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Creek Kid

Best bait?

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Creek Kid

I'm gonna be on the big pond Friday night/Saturday morning on the S or SW end. What's the best bait to be using right now? Seems like leeches start losing their effectiveness this time of year. I realize the bite is slowing down. Are they still all over or are they starting to concentrate on certain areas? How's the night bite? Any info is appreciated.

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walleyewizard

Just got back from a great trip with my daughter. She'd never caught a BIG walleye before so I thought we'd give it a shot. She used crawlers on a harness and I used leeches and she out fished me 2 to 1. And the look on her face when she landed a 28"er was something I will never forget. Seemed like wherever we went we (or she) caught fish. 7-mile, the boot, and 8-mile seemed like favorites. Good luck!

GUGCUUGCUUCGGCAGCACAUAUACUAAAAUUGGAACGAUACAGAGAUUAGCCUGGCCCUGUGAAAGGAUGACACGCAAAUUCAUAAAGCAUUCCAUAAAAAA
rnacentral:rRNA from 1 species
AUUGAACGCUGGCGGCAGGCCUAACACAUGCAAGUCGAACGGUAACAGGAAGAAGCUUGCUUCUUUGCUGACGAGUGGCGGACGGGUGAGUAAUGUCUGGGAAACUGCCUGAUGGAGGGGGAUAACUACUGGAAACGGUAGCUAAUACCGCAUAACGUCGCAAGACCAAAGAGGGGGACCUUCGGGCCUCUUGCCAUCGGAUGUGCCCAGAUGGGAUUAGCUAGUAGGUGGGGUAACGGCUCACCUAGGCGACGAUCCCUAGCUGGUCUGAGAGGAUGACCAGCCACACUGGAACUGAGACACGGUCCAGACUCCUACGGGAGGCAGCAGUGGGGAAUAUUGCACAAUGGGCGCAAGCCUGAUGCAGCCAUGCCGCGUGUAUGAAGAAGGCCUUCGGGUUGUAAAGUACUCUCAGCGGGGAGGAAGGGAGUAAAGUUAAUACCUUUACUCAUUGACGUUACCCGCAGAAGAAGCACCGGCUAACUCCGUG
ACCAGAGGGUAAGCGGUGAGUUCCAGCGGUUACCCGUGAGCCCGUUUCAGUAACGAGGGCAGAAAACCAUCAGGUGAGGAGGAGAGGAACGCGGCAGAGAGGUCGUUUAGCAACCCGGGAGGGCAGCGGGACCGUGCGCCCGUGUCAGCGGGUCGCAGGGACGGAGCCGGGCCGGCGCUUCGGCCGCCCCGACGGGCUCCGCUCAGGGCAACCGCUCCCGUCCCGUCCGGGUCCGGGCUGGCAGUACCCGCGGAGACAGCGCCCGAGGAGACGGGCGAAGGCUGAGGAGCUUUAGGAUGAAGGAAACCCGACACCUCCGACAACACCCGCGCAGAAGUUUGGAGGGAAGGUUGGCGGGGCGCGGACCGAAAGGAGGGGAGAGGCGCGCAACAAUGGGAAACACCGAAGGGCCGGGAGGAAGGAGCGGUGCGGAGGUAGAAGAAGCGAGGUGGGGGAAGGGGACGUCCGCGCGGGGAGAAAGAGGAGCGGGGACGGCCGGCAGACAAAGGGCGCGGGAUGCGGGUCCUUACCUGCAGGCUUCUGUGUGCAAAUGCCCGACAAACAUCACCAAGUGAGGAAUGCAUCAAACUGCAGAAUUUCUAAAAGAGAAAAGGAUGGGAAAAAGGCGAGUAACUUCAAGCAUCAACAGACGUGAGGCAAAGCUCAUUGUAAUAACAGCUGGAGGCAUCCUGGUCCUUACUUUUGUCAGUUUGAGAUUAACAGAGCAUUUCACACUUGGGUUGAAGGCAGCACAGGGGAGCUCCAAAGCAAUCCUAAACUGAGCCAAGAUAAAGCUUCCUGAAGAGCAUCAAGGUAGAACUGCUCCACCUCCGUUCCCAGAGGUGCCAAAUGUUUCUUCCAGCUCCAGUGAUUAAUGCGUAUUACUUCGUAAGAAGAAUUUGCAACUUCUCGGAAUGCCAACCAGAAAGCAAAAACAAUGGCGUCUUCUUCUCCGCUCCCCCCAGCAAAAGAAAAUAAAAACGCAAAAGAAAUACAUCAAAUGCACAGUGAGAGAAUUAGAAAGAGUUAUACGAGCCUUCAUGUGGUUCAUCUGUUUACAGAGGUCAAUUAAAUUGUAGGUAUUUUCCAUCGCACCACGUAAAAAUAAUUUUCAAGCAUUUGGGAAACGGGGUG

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Creek Kid

Thanks WalleyeWizard! Were you using a floater or just a plain harness/hooks? Spinner? This will be my second time there this year. Last time was my first time aside from a launch trip. Would really like to improve our success rate as we didn't do well when everyone else was murdering them. Right now the plan is drifting a crawler harness w/floater, 6' leader, no spinner. Or, slip bobbers, with minnows or leaches and a red bead. Right, wrong? Close? Sorry for all of the questions. I'm pretty much a beginner here so any replies are appreciated. Just want to put few in the boat to get my picture taken with :-)

[This message has been edited by Creek Kid (edited 07-31-2002).]

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walleyewizard

Creek Kid, most of our(her) fish were caught on a standard crawler harness with red beads and a brass spinner. I tried everything from a long line (6') Lindy rig to a single hook spinner with a leech. Saw a lot of fish caught on long lines. I think my problem was my line was out of the water so much while I netted her fish that I didn't stand a chance. I still loved every minute of it though. Seemed like most of the fish were on the downwind side of the flats. Best of luck and let us know how you do.